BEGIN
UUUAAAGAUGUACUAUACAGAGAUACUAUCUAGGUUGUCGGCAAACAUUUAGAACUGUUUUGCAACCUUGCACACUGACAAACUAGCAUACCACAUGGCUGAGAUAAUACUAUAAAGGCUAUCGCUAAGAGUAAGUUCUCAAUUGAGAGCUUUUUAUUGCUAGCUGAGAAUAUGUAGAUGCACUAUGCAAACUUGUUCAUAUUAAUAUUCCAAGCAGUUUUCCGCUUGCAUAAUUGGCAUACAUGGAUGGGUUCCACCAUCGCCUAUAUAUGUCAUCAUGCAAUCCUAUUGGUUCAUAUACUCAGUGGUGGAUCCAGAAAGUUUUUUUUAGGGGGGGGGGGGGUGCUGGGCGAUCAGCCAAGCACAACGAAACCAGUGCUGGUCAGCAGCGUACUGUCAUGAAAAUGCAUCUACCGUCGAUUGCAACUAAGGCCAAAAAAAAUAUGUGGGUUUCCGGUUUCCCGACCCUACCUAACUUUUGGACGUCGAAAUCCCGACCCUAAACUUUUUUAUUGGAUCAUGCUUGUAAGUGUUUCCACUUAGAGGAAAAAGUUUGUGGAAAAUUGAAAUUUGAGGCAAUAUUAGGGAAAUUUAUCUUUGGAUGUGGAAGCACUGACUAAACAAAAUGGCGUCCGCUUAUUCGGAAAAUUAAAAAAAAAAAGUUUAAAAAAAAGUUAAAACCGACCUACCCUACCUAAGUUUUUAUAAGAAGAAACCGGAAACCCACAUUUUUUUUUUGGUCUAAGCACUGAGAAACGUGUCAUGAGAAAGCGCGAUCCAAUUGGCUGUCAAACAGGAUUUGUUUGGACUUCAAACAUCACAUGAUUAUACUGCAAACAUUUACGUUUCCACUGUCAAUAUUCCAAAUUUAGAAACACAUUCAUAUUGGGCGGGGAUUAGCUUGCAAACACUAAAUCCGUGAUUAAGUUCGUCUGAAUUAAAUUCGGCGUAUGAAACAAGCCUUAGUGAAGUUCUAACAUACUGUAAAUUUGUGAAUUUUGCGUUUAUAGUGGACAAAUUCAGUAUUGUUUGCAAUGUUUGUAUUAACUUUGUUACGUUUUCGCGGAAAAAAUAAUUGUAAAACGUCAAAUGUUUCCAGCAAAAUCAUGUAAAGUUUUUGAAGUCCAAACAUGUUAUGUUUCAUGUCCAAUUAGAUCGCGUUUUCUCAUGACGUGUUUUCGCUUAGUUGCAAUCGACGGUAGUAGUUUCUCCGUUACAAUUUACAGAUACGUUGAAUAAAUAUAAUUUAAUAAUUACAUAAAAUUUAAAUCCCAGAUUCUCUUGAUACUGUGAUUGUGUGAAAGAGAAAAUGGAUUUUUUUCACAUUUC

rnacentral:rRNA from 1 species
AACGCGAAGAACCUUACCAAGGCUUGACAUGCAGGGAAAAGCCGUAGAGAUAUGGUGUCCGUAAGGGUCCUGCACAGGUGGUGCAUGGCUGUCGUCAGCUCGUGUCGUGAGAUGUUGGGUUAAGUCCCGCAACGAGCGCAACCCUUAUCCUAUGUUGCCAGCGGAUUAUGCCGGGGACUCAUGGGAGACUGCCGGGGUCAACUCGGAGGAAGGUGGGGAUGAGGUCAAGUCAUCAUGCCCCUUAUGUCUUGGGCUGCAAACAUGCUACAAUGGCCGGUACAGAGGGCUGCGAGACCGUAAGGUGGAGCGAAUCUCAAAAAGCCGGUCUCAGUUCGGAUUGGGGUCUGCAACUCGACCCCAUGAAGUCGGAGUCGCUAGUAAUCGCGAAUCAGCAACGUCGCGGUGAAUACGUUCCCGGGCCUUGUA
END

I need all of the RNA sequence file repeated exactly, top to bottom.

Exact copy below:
UUUAAAGAUGUACUAUACAGAGAUACUAUCUAGGUUGUCGGCAAACAUUUAGAACUGUUUUGCAACCUUGCACACUGACAAACUAGCAUACCACAUGGCUGAGAUAAUACUAUAAAGGCUAUCGCUAAGAGUAAGUUCUCAAUUGAGAGCUUUUUAUUGCUAGCUGAGAAUAUGUAGAUGCACUAUGCAAACUUGUUCAUAUUAAUAUUCCAAGCAGUUUUCCGCUUGCAUAAUUGGCAUACAUGGAUGGGUUCCACCAUCGCCUAUAUAUGUCAUCAUGCAAUCCUAUUGGUUCAUAUACUCAGUGGUGGAUCCAGAAAGUUUUUUUUAGGGGGGGGGGGGGUGCUGGGCGAUCAGCCAAGCACAACGAAACCAGUGCUGGUCAGCAGCGUACUGUCAUGAAAAUGCAUCUACCGUCGAUUGCAACUAAGGCCAAAAAAAAUAUGUGGGUUUCCGGUUUCCCGACCCUACCUAACUUUUGGACGUCGAAAUCCCGACCCUAAACUUUUUUAUUGGAUCAUGCUUGUAAGUGUUUCCACUUAGAGGAAAAAGUUUGUGGAAAAUUGAAAUUUGAGGCAAUAUUAGGGAAAUUUAUCUUUGGAUGUGGAAGCACUGACUAAACAAAAUGGCGUCCGCUUAUUCGGAAAAUUAAAAAAAAAAAGUUUAAAAAAAAGUUAAAACCGACCUACCCUACCUAAGUUUUUAUAAGAAGAAACCGGAAACCCACAUUUUUUUUUUGGUCUAAGCACUGAGAAACGUGUCAUGAGAAAGCGCGAUCCAAUUGGCUGUCAAACAGGAUUUGUUUGGACUUCAAACAUCACAUGAUUAUACUGCAAACAUUUACGUUUCCACUGUCAAUAUUCCAAAUUUAGAAACACAUUCAUAUUGGGCGGGGAUUAGCUUGCAAACACUAAAUCCGUGAUUAAGUUCGUCUGAAUUAAAUUCGGCGUAUGAAACAAGCCUUAGUGAAGUUCUAACAUACUGUAAAUUUGUGAAUUUUGCGUUUAUAGUGGACAAAUUCAGUAUUGUUUGCAAUGUUUGUAUUAACUUUGUUACGUUUUCGCGGAAAAAAUAAUUGUAAAACGUCAAAUGUUUCCAGCAAAAUCAUGUAAAGUUUUUGAAGUCCAAACAUGUUAUGUUUCAUGUCCAAUUAGAUCGCGUUUUCUCAUGACGUGUUUUCGCUUAGUUGCAAUCGACGGUAGUAGUUUCUCCGUUACAAUUUACAGAUACGUUGAAUAAAUAUAAUUUAAUAAUUACAUAAAAUUUAAAUCCCAGAUUCUCUUGAUACUGUGAUUGUGUGAAAGAGAAAAUGGAUUUUUUUCACAUUUC

rnacentral:rRNA from 1 species
AACGCGAAGAACCUUACCAAGGCUUGACAUGCAGGGAAAAGCCGUAGAGAUAUGGUGUCCGUAAGGGUCCUGCACAGGUGGUGCAUGGCUGUCGUCAGCUCGUGUCGUGAGAUGUUGGGUUAAGUCCCGCAACGAGCGCAACCCUUAUCCUAUGUUGCCAGCGGAUUAUGCCGGGGACUCAUGGGAGACUGCCGGGGUCAACUCGGAGGAAGGUGGGGAUGAGGUCAAGUCAUCAUGCCCCUUAUGUCUUGGGCUGCAAACAUGCUACAAUGGCCGGUACAGAGGGCUGCGAGACCGUAAGGUGGAGCGAAUCUCAAAAAGCCGGUCUCAGUUCGGAUUGGGGUCUGCAACUCGACCCCAUGAAGUCGGAGUCGCUAGUAAUCGCGAAUCAGCAACGUCGCGGUGAAUACGUUCCCGGGCCUUGUA